MOLINE, Ill. — Almost 220-million Americans have gotten a COVID-19 vaccination shot.
And every single American has heard public health workers make the same plea that's been repeated by Rock Island County Health Administrator Nina Ludwig:
"If you haven't been vaccinated yet, you should get vaccinated right away."
But not everyone is buying it.
"There are many ways we can take practical steps like washing our hands or social distancing to keep one another safe," said managing attorney Daniel Suhr of the Chicago-based Liberty Justice Center on "News 8 THIS WEEK with Jim Mertens".
The non-profit, conservative public interest litigation center is representing six Kankakee nurses who oppose the vaccine mandate under the Illinois Health Care Right of Conscience Act due to their their "sincerely held moral convictions".
"Illinois made a choice several decades ago to be a state that respects the rights of conscience, that is still on the books today," said Suhr.
Listen to our entire interview with Liberty Justice Center attorney Daniel Suhr on THE CITIES PODCAST.
First adopted in 1977, the Illinois Health Care Right of Conscience Act protects doctors, pharmacists, and other health providers who are asked to compromise their conscience in the course of practicing their profession.
"I understand that people are dying in the county," Rock Island County Health care worker Sheri Duhm told News 8's Maggie Wedlake.
Duhm and at least two other Department workers are facing termination because they oppose the Rock Island County Board of Health's mandate for a COVID-19 vaccination for its health care workers.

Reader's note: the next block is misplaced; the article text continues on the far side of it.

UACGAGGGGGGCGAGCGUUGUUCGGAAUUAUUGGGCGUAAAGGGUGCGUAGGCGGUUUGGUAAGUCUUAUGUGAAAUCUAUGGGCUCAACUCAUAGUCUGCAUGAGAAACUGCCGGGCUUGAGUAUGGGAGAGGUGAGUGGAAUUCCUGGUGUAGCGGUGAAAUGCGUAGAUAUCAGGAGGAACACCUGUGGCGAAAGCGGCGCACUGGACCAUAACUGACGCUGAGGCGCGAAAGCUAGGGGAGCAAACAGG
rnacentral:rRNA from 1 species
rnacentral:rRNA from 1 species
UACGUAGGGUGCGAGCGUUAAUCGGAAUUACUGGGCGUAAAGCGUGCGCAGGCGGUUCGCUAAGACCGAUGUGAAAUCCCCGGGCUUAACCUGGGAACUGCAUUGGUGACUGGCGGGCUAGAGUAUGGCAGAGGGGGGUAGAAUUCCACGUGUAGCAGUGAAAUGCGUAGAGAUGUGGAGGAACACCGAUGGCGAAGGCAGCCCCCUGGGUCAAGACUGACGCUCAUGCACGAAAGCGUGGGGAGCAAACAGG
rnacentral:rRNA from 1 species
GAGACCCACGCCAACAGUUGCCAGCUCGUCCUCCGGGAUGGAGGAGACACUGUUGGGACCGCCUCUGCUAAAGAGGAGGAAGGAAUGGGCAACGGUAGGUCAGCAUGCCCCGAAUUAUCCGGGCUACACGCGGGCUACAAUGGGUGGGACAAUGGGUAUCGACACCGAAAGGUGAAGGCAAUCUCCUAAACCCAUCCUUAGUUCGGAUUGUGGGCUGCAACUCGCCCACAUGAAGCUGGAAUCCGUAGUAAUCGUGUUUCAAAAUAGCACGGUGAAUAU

"People have died from it," Duhm admits when asked about the danger of COVID-19.
"But it's not the 'Black plague'. People can survive."
So far the Courts have been backing the mandates.
The Supreme Court refused to block a mandate imposed on health care workers in the state of Maine.
It also declined to stop mandates on New York teachers and University of Indiana students and staff.
But the Illinois Act is unique to the state.
'The law exists to make sure people may pursue a calling, a vocation in health care while at the same time holding onto their religious beliefs," said Suhr.
Gov. JB Pritzker’s deputy chief of staff, Emily Bittner, has said the law is being applied inappropriately by "fringe elements" and the governor looks to amend the law.
"I think it's telling that the Governor is trying to change the law because it really confirms that the law that's written today applies to this situation and grants this protection for these nurses," said Suhr.
As for health care workers like Sheri Duhm, a 16 year veteran of the Rock Island County Health Department, the fight is very real.
"The only thing that's in question is, will I take the vaccine or not? And no, I will not take the vaccine."
You can watch "News 8 THIS WEEK with Jim Mertens" Sunday mornings at 10 on WQAD News 8.